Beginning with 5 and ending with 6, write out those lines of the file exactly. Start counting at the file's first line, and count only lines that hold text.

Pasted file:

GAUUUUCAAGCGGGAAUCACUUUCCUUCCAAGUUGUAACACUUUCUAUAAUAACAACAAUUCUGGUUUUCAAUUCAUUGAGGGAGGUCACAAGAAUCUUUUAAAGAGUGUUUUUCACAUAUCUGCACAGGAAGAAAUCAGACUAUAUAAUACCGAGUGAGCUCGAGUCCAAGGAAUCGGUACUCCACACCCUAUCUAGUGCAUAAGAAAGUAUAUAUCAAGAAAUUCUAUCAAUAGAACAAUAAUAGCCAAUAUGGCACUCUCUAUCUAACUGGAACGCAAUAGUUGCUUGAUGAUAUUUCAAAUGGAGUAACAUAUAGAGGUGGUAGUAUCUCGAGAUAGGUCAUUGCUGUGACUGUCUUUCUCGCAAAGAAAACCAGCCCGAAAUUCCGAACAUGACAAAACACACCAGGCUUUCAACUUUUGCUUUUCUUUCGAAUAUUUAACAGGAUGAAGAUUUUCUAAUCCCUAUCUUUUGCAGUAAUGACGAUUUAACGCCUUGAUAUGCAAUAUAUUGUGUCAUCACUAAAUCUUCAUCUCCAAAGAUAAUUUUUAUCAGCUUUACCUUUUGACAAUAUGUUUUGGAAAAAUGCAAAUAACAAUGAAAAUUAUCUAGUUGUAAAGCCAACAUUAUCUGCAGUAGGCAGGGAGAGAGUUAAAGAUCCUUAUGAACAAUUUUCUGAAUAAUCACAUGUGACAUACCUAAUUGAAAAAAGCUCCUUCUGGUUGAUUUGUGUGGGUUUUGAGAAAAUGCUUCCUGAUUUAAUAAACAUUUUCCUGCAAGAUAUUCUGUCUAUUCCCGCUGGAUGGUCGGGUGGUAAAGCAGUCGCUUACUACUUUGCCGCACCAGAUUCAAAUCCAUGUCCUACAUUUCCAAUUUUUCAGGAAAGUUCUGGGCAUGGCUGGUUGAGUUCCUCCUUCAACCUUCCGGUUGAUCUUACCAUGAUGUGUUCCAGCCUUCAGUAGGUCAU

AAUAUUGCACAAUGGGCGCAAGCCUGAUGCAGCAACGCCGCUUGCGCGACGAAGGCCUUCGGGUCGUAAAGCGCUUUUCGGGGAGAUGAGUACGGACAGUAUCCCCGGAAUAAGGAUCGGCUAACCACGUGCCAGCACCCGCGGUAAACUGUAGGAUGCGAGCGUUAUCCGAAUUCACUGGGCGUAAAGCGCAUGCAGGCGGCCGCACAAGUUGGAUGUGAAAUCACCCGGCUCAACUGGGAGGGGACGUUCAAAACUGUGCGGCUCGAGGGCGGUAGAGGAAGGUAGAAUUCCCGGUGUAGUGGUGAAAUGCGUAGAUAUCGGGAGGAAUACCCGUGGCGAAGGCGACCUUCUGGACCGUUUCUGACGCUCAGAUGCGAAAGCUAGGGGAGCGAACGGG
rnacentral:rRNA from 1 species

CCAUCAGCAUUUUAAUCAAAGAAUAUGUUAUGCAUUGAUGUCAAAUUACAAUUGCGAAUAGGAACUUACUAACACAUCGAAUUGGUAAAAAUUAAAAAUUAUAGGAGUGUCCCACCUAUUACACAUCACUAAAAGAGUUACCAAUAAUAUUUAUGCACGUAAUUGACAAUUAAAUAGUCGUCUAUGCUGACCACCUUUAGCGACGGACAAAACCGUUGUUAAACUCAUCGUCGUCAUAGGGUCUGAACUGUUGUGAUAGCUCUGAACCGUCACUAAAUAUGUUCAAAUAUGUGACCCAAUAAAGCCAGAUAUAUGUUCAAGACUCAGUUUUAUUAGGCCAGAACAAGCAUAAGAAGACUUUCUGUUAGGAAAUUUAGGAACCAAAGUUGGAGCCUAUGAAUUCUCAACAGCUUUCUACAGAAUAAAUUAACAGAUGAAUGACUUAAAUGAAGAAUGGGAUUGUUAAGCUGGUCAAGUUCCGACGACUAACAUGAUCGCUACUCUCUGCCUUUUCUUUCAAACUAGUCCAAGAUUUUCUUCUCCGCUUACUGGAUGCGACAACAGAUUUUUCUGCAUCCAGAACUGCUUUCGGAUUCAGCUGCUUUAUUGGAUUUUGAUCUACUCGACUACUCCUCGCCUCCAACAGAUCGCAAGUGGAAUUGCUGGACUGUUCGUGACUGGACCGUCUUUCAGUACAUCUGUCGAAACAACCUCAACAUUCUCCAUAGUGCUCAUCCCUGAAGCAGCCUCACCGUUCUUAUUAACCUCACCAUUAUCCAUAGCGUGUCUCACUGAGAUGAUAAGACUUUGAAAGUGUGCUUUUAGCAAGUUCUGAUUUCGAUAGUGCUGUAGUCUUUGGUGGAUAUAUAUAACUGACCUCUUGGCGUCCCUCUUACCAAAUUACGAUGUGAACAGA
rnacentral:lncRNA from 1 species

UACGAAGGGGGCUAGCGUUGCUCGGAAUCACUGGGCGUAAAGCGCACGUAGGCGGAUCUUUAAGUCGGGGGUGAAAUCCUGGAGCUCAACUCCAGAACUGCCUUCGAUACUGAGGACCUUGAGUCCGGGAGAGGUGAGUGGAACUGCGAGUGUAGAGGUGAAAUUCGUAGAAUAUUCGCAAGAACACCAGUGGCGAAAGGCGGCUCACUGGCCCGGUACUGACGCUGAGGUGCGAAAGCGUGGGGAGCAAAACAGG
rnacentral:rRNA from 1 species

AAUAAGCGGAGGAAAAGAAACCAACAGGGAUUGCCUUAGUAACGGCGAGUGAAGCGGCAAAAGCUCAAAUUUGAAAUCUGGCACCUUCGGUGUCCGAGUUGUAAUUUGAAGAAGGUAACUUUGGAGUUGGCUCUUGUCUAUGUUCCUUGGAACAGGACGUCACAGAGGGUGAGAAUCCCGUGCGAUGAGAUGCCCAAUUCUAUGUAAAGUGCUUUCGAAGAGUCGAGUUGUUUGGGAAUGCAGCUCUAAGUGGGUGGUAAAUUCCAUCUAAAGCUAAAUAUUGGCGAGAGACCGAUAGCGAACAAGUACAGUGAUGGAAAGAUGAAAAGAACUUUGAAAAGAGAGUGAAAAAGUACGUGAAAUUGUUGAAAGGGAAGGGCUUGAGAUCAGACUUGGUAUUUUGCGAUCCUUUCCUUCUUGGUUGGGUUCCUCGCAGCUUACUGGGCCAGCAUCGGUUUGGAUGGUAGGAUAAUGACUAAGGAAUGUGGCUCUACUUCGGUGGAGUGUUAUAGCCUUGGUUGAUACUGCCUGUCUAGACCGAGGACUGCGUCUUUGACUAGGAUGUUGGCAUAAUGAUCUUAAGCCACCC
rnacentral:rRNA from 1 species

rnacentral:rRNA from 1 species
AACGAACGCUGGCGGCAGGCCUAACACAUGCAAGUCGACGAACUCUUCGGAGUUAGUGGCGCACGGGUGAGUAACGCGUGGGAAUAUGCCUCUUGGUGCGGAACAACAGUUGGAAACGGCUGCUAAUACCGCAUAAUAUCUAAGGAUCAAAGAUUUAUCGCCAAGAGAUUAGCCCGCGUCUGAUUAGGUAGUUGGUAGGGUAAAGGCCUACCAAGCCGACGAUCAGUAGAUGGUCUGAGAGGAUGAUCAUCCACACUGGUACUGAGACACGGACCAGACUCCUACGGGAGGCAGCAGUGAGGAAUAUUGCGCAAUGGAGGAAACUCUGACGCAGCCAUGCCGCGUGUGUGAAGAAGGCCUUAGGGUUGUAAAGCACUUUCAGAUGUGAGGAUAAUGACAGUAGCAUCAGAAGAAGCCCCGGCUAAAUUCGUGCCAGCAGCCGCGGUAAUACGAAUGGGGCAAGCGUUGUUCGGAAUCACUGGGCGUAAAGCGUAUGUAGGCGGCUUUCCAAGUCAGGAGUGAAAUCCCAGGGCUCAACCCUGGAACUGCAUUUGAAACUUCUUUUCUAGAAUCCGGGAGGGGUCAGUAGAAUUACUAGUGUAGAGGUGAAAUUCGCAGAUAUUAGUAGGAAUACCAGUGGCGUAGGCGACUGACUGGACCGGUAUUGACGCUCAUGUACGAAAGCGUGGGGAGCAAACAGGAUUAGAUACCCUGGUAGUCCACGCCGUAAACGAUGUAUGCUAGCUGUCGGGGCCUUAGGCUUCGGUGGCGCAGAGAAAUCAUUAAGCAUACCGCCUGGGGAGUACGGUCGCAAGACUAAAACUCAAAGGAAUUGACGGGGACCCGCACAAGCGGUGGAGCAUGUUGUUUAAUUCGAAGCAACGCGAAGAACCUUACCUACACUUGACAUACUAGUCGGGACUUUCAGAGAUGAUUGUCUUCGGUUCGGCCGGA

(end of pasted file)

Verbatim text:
rnacentral:lncRNA from 1 species

UACGAAGGGGGCUAGCGUUGCUCGGAAUCACUGGGCGUAAAGCGCACGUAGGCGGAUCUUUAAGUCGGGGGUGAAAUCCUGGAGCUCAACUCCAGAACUGCCUUCGAUACUGAGGACCUUGAGUCCGGGAGAGGUGAGUGGAACUGCGAGUGUAGAGGUGAAAUUCGUAGAAUAUUCGCAAGAACACCAGUGGCGAAAGGCGGCUCACUGGCCCGGUACUGACGCUGAGGUGCGAAAGCGUGGGGAGCAAAACAGG